In the news…

Back in January, the Culture, Media and Sport Committee announced a ‘fake news’ inquiry – what it is, where it comes from, what it impact it might be having on society. And what caught our eye was a question on how “changes in the selling and placing of advertising encouraged the growth of fake news”. That’s certainly enough to fire up our policy team’s engines, and prepare to draft a written response ahead of the March 3 deadline. But interest in the inquiry from adland has certainly been piqued this week…

Two front pages from The Times took a look at programmatic advertising, and some specific instances of ads being placed alongside illegal content and fake news. And in today’s story, Committee Chair Damian Collins was quoted suggesting that some from the ad industry will be called to give oral evidence.

What those stories didn’t feature was a sense of the work that’s already happened across the industry to ensure brand safety. Take, for example, the Digital Trading Standards Group and JICWEBS, who have created accreditation systems, approval seals and worked with the police on lists of illegal sites. And today, the IAB again made clear that maintaining trust in our media is an industry priority. We imagine those will be the starting principles for advertising when it talks to the Committee, which we’ve been in touch with today to say the industry is ready to help. Get in touch if you have any questions in the meantime.

Br-exit sign

Despite some late nights for the MPs debating the Government’s Brexit Bill, the Prime Minister could sleep soundly on Wednesday after winning approval to trigger Article 50.

Though there was little doubt of it scoring more Ayes than Noes, the un-amended 132-word Bill didn’t clarify much in the way of rules and regs for the future – and as advertising’s continued success lies in those details, AA CEO Stephen Woodford and Chairman James Murphy were dispatched to LEAD 2017 keynote and Culture Secretary Karen Bradley’s roundtable on the effect of Brexit on the Creative Industries.

Alongside top dogs from other creative industries, Stephen and James raised specific concerns about advertising’s priorities from Brexit; among them continued access to talent and high-skilled migration, which we’ve reiterated in our response to the Culture, Media and Sport Committee’s inquiry on Brexit. Credos deputy Dan Wilks is going deep into adland’s Brexit survey at the next Public Affairs breakfast on Tuesday 21st – RSVPs to Naomi to hear him talk.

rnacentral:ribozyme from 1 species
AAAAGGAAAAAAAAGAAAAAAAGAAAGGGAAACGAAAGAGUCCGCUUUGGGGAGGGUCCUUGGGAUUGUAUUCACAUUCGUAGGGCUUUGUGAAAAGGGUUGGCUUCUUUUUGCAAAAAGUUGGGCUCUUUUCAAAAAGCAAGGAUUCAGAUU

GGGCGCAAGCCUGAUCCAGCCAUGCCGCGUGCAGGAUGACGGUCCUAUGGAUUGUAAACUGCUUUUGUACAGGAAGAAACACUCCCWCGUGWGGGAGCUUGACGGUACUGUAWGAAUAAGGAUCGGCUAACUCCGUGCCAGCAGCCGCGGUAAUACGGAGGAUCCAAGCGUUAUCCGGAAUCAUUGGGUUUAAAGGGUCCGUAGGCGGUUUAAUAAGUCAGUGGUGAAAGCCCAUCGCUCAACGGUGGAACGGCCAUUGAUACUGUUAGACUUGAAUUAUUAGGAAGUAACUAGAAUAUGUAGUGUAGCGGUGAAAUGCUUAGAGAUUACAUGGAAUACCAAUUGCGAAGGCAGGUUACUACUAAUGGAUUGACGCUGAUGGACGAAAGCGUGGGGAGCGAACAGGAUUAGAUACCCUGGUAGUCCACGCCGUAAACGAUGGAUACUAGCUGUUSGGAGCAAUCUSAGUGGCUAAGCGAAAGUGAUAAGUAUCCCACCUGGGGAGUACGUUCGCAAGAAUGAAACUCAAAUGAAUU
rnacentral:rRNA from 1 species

Food me once, food me twice

Last summer (simpler times…) advertising welcomed the Government’s childhood obesity plan which, in a u-turn from earlier leaks, did not contain proposals for further advertising restrictions. Not long after, CAP announced new rules for HFSS ads in media targeted at under-16s, and you’d be forgiven for thinking that might be the last word on obesity and advertising for a while.

Not so. The Health Select Committee held additional evidence sessions for its old inquiry into childhood obesity this week, giving industry, NGO and health reps a chance to reflect on the Government’s plans. Bowling for adland and self-regulation was CAP director Shahriar Coupal, who had the chance to explain the new CAP rules to the committee, and the thinking behind the Codes.

Shahriar stressed that advertising’s regulatory approach works because it is evidence-based – and we’ll be putting our well-researched point-of-view to the test up in Scotland soon too, as Holyrood’s Health and Sport Secretary has plans for both a children’s health and an obesity strategy after this summer ends. Lauren’s got more information, and Scottish Front Footers can sign up to the March 7th meet-up if they haven’t already.

For our ad of the week and more advertising news, click here.

Brexit obesity scotland